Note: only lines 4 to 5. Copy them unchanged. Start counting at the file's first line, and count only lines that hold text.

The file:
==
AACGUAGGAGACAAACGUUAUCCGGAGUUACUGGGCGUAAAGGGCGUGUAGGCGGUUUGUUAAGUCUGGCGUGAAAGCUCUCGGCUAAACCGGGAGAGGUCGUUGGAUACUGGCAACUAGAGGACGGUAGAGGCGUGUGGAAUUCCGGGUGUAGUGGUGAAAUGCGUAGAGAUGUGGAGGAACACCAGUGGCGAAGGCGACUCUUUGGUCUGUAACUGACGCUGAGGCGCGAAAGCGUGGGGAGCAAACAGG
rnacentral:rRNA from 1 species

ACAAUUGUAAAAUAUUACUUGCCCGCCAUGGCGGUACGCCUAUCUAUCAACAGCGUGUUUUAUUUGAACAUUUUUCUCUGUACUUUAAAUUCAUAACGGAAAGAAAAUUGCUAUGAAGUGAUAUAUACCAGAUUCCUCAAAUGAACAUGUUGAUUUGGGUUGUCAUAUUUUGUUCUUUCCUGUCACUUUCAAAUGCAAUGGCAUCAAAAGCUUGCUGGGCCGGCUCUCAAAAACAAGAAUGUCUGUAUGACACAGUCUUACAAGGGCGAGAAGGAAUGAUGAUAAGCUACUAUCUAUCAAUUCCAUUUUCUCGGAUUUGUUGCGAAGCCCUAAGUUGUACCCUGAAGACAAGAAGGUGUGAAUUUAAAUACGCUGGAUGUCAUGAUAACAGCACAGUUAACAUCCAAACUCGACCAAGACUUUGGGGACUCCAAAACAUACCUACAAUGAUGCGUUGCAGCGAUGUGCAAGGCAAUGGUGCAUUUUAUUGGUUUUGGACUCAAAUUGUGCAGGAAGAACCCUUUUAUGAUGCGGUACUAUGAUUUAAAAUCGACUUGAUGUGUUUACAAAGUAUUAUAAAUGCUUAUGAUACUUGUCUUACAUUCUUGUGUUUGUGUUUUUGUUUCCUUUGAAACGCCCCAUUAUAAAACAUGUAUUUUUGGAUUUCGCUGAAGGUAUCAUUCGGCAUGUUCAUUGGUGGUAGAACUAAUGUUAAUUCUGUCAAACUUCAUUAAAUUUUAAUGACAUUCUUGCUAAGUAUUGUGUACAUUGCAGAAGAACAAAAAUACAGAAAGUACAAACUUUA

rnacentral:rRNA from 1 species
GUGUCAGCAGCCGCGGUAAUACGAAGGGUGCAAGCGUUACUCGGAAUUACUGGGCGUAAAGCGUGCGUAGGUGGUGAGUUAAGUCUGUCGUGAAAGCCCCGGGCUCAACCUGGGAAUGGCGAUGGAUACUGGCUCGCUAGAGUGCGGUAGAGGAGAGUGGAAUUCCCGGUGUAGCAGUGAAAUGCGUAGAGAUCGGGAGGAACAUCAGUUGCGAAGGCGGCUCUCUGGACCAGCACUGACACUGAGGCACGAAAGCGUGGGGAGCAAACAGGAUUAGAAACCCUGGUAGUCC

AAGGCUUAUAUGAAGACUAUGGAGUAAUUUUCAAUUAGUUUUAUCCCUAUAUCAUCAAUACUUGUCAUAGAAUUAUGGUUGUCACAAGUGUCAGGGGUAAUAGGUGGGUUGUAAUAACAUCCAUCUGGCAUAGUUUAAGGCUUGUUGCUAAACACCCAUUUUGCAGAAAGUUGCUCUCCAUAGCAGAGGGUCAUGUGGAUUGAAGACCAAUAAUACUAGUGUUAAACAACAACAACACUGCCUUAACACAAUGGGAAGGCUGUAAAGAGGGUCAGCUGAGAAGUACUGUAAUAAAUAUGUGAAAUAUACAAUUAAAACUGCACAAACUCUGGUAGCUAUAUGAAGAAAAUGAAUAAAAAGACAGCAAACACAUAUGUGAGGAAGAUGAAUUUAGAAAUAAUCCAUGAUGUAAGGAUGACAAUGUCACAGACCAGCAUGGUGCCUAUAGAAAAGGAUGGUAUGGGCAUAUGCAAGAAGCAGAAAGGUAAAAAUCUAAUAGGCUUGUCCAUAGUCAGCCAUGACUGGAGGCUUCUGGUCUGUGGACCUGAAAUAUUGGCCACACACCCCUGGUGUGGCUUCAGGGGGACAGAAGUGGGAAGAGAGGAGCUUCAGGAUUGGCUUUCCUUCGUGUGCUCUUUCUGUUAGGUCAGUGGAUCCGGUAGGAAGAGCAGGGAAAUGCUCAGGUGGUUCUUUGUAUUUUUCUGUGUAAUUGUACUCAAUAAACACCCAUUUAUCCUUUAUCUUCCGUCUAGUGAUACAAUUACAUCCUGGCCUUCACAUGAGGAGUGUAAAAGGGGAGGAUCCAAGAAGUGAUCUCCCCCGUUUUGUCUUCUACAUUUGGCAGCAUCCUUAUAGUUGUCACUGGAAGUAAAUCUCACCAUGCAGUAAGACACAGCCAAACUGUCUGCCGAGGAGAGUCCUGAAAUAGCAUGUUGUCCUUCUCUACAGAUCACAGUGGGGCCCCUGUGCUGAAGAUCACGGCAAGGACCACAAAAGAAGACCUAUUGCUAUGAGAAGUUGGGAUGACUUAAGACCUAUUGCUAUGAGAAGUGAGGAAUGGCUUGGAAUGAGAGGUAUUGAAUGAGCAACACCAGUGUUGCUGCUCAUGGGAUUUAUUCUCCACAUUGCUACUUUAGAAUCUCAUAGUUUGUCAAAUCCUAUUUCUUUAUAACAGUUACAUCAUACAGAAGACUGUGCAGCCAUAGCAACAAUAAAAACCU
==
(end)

rnacentral:rRNA from 1 species
GUGUCAGCAGCCGCGGUAAUACGAAGGGUGCAAGCGUUACUCGGAAUUACUGGGCGUAAAGCGUGCGUAGGUGGUGAGUUAAGUCUGUCGUGAAAGCCCCGGGCUCAACCUGGGAAUGGCGAUGGAUACUGGCUCGCUAGAGUGCGGUAGAGGAGAGUGGAAUUCCCGGUGUAGCAGUGAAAUGCGUAGAGAUCGGGAGGAACAUCAGUUGCGAAGGCGGCUCUCUGGACCAGCACUGACACUGAGGCACGAAAGCGUGGGGAGCAAACAGGAUUAGAAACCCUGGUAGUCC